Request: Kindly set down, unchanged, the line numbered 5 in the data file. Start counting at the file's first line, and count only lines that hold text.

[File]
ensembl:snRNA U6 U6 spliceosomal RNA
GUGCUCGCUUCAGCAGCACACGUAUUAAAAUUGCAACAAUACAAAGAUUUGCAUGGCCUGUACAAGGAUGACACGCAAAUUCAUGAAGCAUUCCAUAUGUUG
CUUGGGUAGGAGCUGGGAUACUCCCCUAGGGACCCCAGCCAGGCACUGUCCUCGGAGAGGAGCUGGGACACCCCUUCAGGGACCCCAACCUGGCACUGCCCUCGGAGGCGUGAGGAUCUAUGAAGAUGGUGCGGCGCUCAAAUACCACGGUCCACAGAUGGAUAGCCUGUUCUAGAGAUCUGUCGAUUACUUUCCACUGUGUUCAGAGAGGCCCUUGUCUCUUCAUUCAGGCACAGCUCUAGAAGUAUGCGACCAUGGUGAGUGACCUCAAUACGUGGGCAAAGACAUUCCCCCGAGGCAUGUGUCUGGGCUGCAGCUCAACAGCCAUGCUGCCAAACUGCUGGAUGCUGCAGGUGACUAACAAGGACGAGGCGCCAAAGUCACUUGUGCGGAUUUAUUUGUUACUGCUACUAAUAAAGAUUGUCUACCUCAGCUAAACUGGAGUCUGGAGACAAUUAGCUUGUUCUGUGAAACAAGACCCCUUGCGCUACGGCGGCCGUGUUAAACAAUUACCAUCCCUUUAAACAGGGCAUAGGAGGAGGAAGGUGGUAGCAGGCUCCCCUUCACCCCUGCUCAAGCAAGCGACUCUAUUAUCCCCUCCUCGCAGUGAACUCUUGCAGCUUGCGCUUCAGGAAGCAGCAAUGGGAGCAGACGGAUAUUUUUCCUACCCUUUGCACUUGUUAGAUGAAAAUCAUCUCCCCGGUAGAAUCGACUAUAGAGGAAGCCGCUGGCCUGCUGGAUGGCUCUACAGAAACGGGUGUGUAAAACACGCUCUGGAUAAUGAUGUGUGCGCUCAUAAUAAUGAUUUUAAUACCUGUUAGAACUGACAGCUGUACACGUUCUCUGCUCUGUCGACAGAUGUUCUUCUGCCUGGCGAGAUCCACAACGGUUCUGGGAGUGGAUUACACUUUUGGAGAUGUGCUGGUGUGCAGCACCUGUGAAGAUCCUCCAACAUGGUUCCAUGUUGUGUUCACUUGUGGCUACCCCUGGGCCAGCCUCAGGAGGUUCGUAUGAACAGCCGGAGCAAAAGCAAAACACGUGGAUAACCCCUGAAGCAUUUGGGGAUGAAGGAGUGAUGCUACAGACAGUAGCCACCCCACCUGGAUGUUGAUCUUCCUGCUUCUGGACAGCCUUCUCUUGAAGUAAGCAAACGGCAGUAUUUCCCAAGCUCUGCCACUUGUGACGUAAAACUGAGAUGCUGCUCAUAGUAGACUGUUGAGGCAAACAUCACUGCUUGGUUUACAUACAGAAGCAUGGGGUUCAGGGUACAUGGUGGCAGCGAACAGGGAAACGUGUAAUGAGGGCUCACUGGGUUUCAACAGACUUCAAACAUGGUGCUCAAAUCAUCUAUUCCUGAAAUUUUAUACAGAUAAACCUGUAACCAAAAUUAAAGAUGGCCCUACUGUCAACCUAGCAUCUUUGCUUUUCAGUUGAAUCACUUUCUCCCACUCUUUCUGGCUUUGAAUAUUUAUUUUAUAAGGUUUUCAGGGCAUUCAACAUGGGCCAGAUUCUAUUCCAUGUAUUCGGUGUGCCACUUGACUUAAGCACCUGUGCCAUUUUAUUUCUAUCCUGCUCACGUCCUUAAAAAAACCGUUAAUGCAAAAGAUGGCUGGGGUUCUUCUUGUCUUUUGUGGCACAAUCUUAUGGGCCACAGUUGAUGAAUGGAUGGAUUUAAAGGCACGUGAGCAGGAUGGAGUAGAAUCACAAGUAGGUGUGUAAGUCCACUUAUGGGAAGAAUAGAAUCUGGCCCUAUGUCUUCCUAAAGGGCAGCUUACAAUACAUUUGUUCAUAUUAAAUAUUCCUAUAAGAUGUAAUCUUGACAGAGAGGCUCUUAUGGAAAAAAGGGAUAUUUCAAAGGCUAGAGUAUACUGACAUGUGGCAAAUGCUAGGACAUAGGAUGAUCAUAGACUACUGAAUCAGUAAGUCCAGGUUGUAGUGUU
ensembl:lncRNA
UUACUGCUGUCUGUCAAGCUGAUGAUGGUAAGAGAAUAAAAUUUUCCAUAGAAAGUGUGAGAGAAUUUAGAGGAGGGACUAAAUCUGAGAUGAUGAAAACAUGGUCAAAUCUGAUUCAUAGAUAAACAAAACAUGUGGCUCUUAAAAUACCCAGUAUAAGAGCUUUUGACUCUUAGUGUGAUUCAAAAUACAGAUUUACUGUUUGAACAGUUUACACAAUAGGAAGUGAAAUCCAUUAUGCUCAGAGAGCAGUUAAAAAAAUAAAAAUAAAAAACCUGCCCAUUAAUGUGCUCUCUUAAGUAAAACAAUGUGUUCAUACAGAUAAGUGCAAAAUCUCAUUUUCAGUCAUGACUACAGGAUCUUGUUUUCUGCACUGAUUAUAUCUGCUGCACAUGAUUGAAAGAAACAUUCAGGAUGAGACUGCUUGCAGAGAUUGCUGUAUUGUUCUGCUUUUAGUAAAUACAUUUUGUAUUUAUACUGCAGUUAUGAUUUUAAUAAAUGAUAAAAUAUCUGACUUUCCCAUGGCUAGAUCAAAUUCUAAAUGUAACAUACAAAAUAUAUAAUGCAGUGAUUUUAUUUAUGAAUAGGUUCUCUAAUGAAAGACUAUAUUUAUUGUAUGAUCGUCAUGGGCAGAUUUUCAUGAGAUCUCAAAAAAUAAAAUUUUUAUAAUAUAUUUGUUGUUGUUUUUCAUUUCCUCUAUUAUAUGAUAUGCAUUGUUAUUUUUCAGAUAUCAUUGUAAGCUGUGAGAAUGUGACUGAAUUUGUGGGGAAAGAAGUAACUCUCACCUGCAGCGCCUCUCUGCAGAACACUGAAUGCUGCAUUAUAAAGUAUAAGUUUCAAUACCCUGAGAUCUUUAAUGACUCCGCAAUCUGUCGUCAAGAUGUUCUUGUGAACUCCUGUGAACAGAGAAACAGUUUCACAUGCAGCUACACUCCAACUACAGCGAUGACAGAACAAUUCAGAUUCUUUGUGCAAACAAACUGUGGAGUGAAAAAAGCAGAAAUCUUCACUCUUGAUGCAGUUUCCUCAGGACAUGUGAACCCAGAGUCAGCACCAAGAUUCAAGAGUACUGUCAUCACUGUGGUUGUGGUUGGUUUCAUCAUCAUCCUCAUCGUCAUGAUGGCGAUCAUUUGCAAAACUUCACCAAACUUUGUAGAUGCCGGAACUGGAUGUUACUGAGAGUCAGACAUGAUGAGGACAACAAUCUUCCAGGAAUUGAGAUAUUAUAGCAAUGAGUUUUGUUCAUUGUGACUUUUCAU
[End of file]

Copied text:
UUACUGCUGUCUGUCAAGCUGAUGAUGGUAAGAGAAUAAAAUUUUCCAUAGAAAGUGUGAGAGAAUUUAGAGGAGGGACUAAAUCUGAGAUGAUGAAAACAUGGUCAAAUCUGAUUCAUAGAUAAACAAAACAUGUGGCUCUUAAAAUACCCAGUAUAAGAGCUUUUGACUCUUAGUGUGAUUCAAAAUACAGAUUUACUGUUUGAACAGUUUACACAAUAGGAAGUGAAAUCCAUUAUGCUCAGAGAGCAGUUAAAAAAAUAAAAAUAAAAAACCUGCCCAUUAAUGUGCUCUCUUAAGUAAAACAAUGUGUUCAUACAGAUAAGUGCAAAAUCUCAUUUUCAGUCAUGACUACAGGAUCUUGUUUUCUGCACUGAUUAUAUCUGCUGCACAUGAUUGAAAGAAACAUUCAGGAUGAGACUGCUUGCAGAGAUUGCUGUAUUGUUCUGCUUUUAGUAAAUACAUUUUGUAUUUAUACUGCAGUUAUGAUUUUAAUAAAUGAUAAAAUAUCUGACUUUCCCAUGGCUAGAUCAAAUUCUAAAUGUAACAUACAAAAUAUAUAAUGCAGUGAUUUUAUUUAUGAAUAGGUUCUCUAAUGAAAGACUAUAUUUAUUGUAUGAUCGUCAUGGGCAGAUUUUCAUGAGAUCUCAAAAAAUAAAAUUUUUAUAAUAUAUUUGUUGUUGUUUUUCAUUUCCUCUAUUAUAUGAUAUGCAUUGUUAUUUUUCAGAUAUCAUUGUAAGCUGUGAGAAUGUGACUGAAUUUGUGGGGAAAGAAGUAACUCUCACCUGCAGCGCCUCUCUGCAGAACACUGAAUGCUGCAUUAUAAAGUAUAAGUUUCAAUACCCUGAGAUCUUUAAUGACUCCGCAAUCUGUCGUCAAGAUGUUCUUGUGAACUCCUGUGAACAGAGAAACAGUUUCACAUGCAGCUACACUCCAACUACAGCGAUGACAGAACAAUUCAGAUUCUUUGUGCAAACAAACUGUGGAGUGAAAAAAGCAGAAAUCUUCACUCUUGAUGCAGUUUCCUCAGGACAUGUGAACCCAGAGUCAGCACCAAGAUUCAAGAGUACUGUCAUCACUGUGGUUGUGGUUGGUUUCAUCAUCAUCCUCAUCGUCAUGAUGGCGAUCAUUUGCAAAACUUCACCAAACUUUGUAGAUGCCGGAACUGGAUGUUACUGAGAGUCAGACAUGAUGAGGACAACAAUCUUCCAGGAAUUGAGAUAUUAUAGCAAUGAGUUUUGUUCAUUGUGACUUUUCAU